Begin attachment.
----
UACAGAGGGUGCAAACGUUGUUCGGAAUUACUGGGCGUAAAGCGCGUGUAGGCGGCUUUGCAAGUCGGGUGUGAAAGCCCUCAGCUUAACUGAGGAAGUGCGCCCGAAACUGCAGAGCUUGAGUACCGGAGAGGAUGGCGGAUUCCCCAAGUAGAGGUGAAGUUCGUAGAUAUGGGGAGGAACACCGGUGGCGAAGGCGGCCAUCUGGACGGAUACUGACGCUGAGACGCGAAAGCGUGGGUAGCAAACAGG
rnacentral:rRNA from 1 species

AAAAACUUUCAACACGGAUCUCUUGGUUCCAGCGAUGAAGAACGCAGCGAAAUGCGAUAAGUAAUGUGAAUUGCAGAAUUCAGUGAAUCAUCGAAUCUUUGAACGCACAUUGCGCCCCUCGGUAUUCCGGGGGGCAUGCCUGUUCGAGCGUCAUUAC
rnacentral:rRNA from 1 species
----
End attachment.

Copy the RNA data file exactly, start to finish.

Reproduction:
UACAGAGGGUGCAAACGUUGUUCGGAAUUACUGGGCGUAAAGCGCGUGUAGGCGGCUUUGCAAGUCGGGUGUGAAAGCCCUCAGCUUAACUGAGGAAGUGCGCCCGAAACUGCAGAGCUUGAGUACCGGAGAGGAUGGCGGAUUCCCCAAGUAGAGGUGAAGUUCGUAGAUAUGGGGAGGAACACCGGUGGCGAAGGCGGCCAUCUGGACGGAUACUGACGCUGAGACGCGAAAGCGUGGGUAGCAAACAGG
rnacentral:rRNA from 1 species

AAAAACUUUCAACACGGAUCUCUUGGUUCCAGCGAUGAAGAACGCAGCGAAAUGCGAUAAGUAAUGUGAAUUGCAGAAUUCAGUGAAUCAUCGAAUCUUUGAACGCACAUUGCGCCCCUCGGUAUUCCGGGGGGCAUGCCUGUUCGAGCGUCAUUAC
rnacentral:rRNA from 1 species